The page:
"We want to analyze the reactor under different conditions to determine how our production rates vary under different levels of zinc oxide dispersal, temperatures and flow patterns," he said of optimizing the system's solar fuel production.

Koepf's UD advisers are Ajay Prasad, professor of mechanical engineering and director of UD's Center for Fuel Cell Research, and Suresh Advani, department chair and George W. Laird Professor of Mechanical Engineering.

"Erik's project is extremely ambitious and multi-disciplinary in nature. It involves heat transfer and fluid dynamics in a very high temperature, chemically-reacting environment. He has had to master the use of high temperature ceramic materials and design his reactor to withstand enormous thermal stresses. His progress to date is a testament to his strong design and analysis skills and I am confident that his second campaign in Zurich will bring exciting results," said Prasad.

According to Advani, Koepf's project also illustrates the value of developing partnerships, both locally and globally. His work has led to international collaboration with Aldo Steinfeld, a worldwide expert in the field and head of the Solar Process Laboratory and the Paul Scherrer Institute.

Koepf's concept and design details, along with Phase I experimental findings, can be found in the Sept. 19, 2012 issue of the International Journal of Hydrogen Energy.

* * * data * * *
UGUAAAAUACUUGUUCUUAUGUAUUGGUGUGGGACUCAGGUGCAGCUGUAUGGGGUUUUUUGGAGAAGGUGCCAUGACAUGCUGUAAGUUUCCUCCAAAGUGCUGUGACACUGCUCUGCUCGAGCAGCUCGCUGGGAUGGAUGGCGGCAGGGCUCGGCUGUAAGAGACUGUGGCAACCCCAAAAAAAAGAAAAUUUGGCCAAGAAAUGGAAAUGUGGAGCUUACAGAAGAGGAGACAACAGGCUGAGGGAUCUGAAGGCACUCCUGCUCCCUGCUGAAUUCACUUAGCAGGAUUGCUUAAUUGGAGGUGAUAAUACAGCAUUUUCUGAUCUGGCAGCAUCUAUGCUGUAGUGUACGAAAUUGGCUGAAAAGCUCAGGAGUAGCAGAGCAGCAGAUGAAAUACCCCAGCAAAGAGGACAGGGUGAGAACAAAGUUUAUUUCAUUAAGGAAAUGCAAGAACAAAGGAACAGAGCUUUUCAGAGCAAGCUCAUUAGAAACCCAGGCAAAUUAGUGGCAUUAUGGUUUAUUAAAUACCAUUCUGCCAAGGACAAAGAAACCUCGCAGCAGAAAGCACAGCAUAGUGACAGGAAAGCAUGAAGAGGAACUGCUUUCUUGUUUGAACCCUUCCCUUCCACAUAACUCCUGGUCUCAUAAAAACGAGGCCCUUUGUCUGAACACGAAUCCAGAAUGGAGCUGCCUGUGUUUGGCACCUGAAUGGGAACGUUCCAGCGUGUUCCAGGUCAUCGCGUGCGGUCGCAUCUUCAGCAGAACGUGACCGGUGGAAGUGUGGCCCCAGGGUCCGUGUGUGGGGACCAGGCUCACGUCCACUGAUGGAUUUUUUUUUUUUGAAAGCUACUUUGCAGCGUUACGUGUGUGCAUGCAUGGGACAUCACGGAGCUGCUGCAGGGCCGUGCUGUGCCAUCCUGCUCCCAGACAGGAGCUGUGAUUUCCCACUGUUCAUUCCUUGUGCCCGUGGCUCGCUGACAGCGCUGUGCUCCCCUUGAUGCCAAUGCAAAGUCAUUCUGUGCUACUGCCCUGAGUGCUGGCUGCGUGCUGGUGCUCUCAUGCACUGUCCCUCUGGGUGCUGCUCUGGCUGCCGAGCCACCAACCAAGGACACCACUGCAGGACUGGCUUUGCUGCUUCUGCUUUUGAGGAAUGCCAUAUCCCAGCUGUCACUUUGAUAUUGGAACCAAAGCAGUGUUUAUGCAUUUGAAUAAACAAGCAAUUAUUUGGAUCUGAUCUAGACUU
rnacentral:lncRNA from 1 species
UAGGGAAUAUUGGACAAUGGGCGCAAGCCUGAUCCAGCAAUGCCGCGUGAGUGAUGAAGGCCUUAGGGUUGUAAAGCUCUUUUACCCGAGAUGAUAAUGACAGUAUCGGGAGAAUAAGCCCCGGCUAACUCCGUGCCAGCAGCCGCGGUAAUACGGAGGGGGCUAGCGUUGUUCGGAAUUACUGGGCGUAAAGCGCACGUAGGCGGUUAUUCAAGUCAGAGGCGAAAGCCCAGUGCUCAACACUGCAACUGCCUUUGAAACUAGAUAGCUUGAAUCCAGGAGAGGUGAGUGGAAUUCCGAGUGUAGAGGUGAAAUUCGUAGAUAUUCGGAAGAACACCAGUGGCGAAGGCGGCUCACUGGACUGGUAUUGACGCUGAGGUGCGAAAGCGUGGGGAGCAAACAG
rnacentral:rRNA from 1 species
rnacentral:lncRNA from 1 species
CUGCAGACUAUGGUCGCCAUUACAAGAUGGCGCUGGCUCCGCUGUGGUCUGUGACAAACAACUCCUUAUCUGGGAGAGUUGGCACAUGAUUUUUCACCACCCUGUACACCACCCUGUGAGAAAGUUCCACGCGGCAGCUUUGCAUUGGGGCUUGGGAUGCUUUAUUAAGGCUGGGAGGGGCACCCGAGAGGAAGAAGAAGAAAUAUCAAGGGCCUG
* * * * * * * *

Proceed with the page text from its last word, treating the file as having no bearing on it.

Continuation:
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User comments : 7

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Maggnus
4.5 / 5 (8) Feb 05, 2013
This looks promising.

The cold fusion (confusion?) crowd should take note of how real science is done.
Sonhouse
5 / 5 (1) Feb 05, 2013
What do they mean by 'solar fuel'? What kind of energy does it store or release?
Doctor D
1 / 5 (3) Feb 05, 2013
Hard to see how this can economically compete with solar cells and electrolysis...
antialias_physorg
4.6 / 5 (10) Feb 05, 2013
Hard to see how this can economically compete with solar cells and electrolysis...

The advantage here is that you create an easily storable/transportable fuel.

The zinc oxide is heated in the solar oven (to the point of evaporation) and the oxygen is released. After cooling you are left with a zinc powder which is stable at room temperature and can be transported safely and without any special precautions/containers.

If you put it in a heated converter (350°C) and add water it reacts back to zinc oxide - releasing hydrogen in the process, which you can then use in a fuel cell. The zinc oxide goes back to the solar oven for the next round-trip.

It's a roundabout way of 'storing hydrogen' by actually storing the hydrogen in water and an oxidizing agent.
Eikka
1.3 / 5 (3) Feb 05, 2013
If you put it in a heated converter (350°C) and add water it reacts back to zinc oxide - releasing hydrogen in the process, which you can then use in a fuel cell.


Doing that would be pointless and wasteful, losing more than half of the embedded energy in conversion.

A much better alternative would be to let the zinc react with oxygen directly: http://en.wikiped..._battery
gwrede
5 / 5 (3) Feb 05, 2013
Doing that would be pointless and wasteful, losing more than half of the embedded energy in conversion. A much better alternative would be to...
This guy is producing the zinc. It's up to others to use it in converters, airbatteries, or whatever.
Grallen
not rated yet Feb 06, 2013
Is it just me, but is the title of this article off? It doesn't really address the question it raises. And as qwrede puts it, not the only way the zinc would be used.